Trees for Birds
If you love birds, and you plant trees or shrubs this spring, please choose native plants.
Songbird nestlings grow fat and healthy on caterpillars, the larvae of moths and butterflies. If you care about birds, this is worth knowing. By planting trees with leaves that caterpillars like to eat, your yard can become an avian buffet.
This means planting native trees. Entomology professor Douglas Tallamy, in his acclaimed book Bringing Nature Home, revealed the stunning differences in caterpillar production between native trees and European or Asian imports.
One jaw-dropping comparison is between Asian gingko and native oak. Three species of caterpillars in North America have been found feeding on gingko, while over 500 have been found on oak.
Anecdotally I’ve seen this contrast in my own yard. I once had a large Norway maple. Its foliage remained largely untouched through the growing season. Most caterpillars and other insects obviously couldn’t eat the leaves. My Norway maple was about as bug-friendly as a plastic house plant.
Even more immune to insect attack, and consequently even further removed from any meaningful ecological connections, were two magnolia trees. Their foliage was perfectly pristine – always.
The leaves on my native red oak, white birch and white elm by contrast were blemished and perforated by insects. This, understand, is not a sign of impending doom for a tree, but testimony that the tree is contributing to ecological health.
In the April 2017 issue of BirdWatching magazine, Marina Ritchie compared native trees to “overflowing, self-replenishing bird feeders” and non-native trees to empty feeders “with no refills in sight.”
So if you love birds, and you plant a tree this spring, please choose a self-replenishing bird feeder. Let’s help fill the larders of our precious songbirds.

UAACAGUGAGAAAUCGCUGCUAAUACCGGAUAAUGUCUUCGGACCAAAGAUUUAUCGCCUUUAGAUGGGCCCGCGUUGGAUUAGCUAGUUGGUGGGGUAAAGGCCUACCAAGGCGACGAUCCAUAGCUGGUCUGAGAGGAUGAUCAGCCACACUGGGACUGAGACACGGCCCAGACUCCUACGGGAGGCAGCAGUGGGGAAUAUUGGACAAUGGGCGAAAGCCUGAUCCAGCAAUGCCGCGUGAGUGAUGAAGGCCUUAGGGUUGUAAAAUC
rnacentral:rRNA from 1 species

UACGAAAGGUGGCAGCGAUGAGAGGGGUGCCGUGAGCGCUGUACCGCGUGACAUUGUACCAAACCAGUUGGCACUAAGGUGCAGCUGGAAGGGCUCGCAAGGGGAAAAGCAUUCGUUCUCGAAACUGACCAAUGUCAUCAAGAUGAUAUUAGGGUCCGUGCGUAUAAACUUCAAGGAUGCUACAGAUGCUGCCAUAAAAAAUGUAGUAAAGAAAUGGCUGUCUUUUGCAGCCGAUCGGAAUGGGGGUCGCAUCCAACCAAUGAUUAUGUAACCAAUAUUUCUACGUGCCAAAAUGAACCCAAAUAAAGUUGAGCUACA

Superb trees for caterpillars include oaks, black cherry, native willows, birch and poplar. See www.bringingnaturehome.net/what-to-plant.html for a complete list. And head over to the Not So Hollow Farm Native Plant Showcase, to find out more about native plants in the hills.
ButterfliesJul 8, 2015 | | Notes from the Wild
Butterflies are some of the most beautiful and interesting creatures on earth and can be easily attracted to your garden.
Cecropia Moths Stir Like Phantoms in the TwilightJun 5, 2010 | | Notes from the Wild
Cecropia moths: Strange and wonderful phantoms of the twilight world.
Luna MothsJun 8, 2011 | | Notes from the Wild
If you have seen a luna moth recently in Headwaters please let us know.
Polyphemus MothsJun 24, 2012 | | Notes from the Wild
Moth communication hints at the wealth of cryptic messaging all around us.
Good to hear from you Murray. It’s been awhile.
Thanks for this feedback. To be honest, I wondered as well, in the early days of writing for In The Hills, if I’d run out of topics. But I’ve found the natural world a source of endless inspiration and hope the well won’t run dry for a while yet.
I was fortunate to have the opportunity to share my love of nature with the students at Sir John A. Macdonald in Brampton. It was a saving grace some days as well – even a challenging kid couldn’t resist a smile with a butterfly perched on his nose!
I salute you too Murray for the unconventional way you taught your grade seven history classes. You brought history alive for those students with role playing and mock battles, including one time, I remember, that may have included a misadventure with some gunpowder!
All the best,
Don Scallen on Apr 12, 2017 at 10:04 pm |
Thank you so much for your continuing articles on our local and natural surroundings. I remember wondering so many years ago, after you had covered mammals, birds and fish what could possibly be left. You continue to show your readers that there are no limits to what we can learn about the bounty in our own hills.
I read about vernal pools while waiting for a doctor’s appointment recently, and looked around the waiting room wishing that I could announce proudly to those present that I had worked with Don Scallen. A different audience, sure, but still teaching science.
Murray Elliot on Apr 12, 2017 at 9:50 am |